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Looking for Native American books (fact or fiction)


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Initial post: Aug 4, 2008 4:56:45 PM PDT
I just finished reading Comanche Moon, and Follow the River.

Does anyone know any more good books out there about native americans?

Thanks..

In reply to an earlier post on Aug 4, 2008 9:51:24 PM PDT
Jack Shakely's "Confederate War Bonnet" is about the Creek Indians who fought with the Confederacy during the Civil War. Has a lot of info on the Creeks, one of the Five Civilized Tribes relocated to Oklahoma. Very well written. For fun, you might want to read "Little Big Man" about a white boy who is rescued by the Cheyenne. He keeps going back and forth between the two cultures for lots of funny scenes. If you want serious, "Bury My Heart at Wounded Knee" covers just about everything from first European contact to the massacre at Wounded Knee.

In reply to an earlier post on Aug 5, 2008 8:52:02 AM PDT
Try these authors for a start:

Louise Erdrich
James Welch
Michael Dorris (deceased now)

In reply to an earlier post on Aug 6, 2008 10:03:48 PM PDT
Selene says:
You might like to check out the fiction listings on the Historical Novels Info site
See under Native Americans.
http://www.historicalnovels.info/Old-West.html

In reply to an earlier post on Aug 7, 2008 3:13:19 AM PDT
Misfit says:
I've heard great things about Hanta Yo but haven't read it yet. I'm going to be picking up Bury my Heart at Wounded Knee from the library soon -- we'll see how that is.

In reply to an earlier post on Aug 7, 2008 7:49:47 AM PDT
Lewis Owens is also really good if you can find his books. always has a bit of supernatural element to them.

In reply to an earlier post on Aug 7, 2008 9:57:37 AM PDT
The Man says:
Sacajawea is one of my favorite books.

In reply to an earlier post on Aug 7, 2008 10:32:25 AM PDT
M. Wagley says:
I really enjoy the First People series by W. Michael Gear and Kathleen O' Neal Gear. Each book focuses on a different tribe that lived in a different place and time in North America. I've heard the author William Sarabande writes similar books, but have not read any of his work yet.

In reply to an earlier post on Aug 7, 2008 10:42:53 AM PDT
Charlie says:
Anything by Thomas King, in particular "Green Grass Running Water." The guy's a master storyteller.

In reply to an earlier post on Aug 7, 2008 11:57:50 AM PDT
N. Lawrence says:
Sarah Donati, Into the WIlderness.

In reply to an earlier post on Aug 7, 2008 1:05:42 PM PDT
Gnomes Rule says:
If you're interested in a mystery try Tony Hillerman's Jim Chee - Joe Leaphorn series.

See http://www.dancingbadger.com/tony_hillerman.htm, will not only provide you information on Tony Hillerman's work but has a list of names of other authors that might interest you.

In reply to an earlier post on Aug 8, 2008 6:15:37 PM PDT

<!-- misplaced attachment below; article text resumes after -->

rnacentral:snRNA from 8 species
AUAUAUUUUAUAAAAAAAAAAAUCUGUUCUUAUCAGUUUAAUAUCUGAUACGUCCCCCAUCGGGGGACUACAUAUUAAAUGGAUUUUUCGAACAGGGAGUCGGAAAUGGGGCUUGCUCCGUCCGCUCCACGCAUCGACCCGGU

Chris Little says:
"Watch for Me On the Mountain" by Forrest Carter
"Season of Yellow Leaf" by Douglas Jones
"Gone the Dreams and Dancing" by Douglas Jones
"Eagle Song" by James Houston
"Running West" by James Houston
"Ghost Fox" by James Houston
"From Where the Sun Now Stands" by Will Henry
"Dances With Wolves" print is quite different from movie

In reply to an earlier post on Aug 8, 2008 7:24:03 PM PDT
Marie Sandoz Crazy Horse
George Hyde, Red Clouds Folk
These two were great starters when I researched "Where the Rivers Run North"

In reply to an earlier post on Aug 10, 2008 11:29:35 PM PDT
I've recently finished "Fools Crow" and was very pleased with it's story and accurate depictions. Someone mentioned "Hanta Yo" and I recall reading that several decades ago! At the time it struck me as awesome and inspiring. I went on to be a Native American Studies minor at college and realized that the reality of that novel was a little "stretched!" I agree that you should read "Bury My Heart..." for a sobering reality check.

In reply to an earlier post on Aug 12, 2008 11:35:08 AM PDT
Last edited by the author on Aug 12, 2008 11:35:37 AM PDT
bookster says:
The Morning River and Coyote Summer by W. Michael Gear
Following the Eagle by Paulie Jenkins

In reply to an earlier post on Aug 12, 2008 2:32:12 PM PDT
D. Salerni says:
I can "second" Jack Shakely's "Confederate War Bonnet," which I really enjoyed. I recently loaned it to my father, who polished it off in a few days -- which is impressive, since he probably only reads 2 fiction books a year.

In reply to an earlier post on Aug 12, 2008 8:19:23 PM PDT
Last edited by the author on Aug 12, 2008 8:22:22 PM PDT
I just finished Lucia St. Clair Robson's novel about Osceola, war chief of the Seminole in the Second Seminole War (1835-1842). It's quite good and can be found at amazon here:

Light a Distant Fire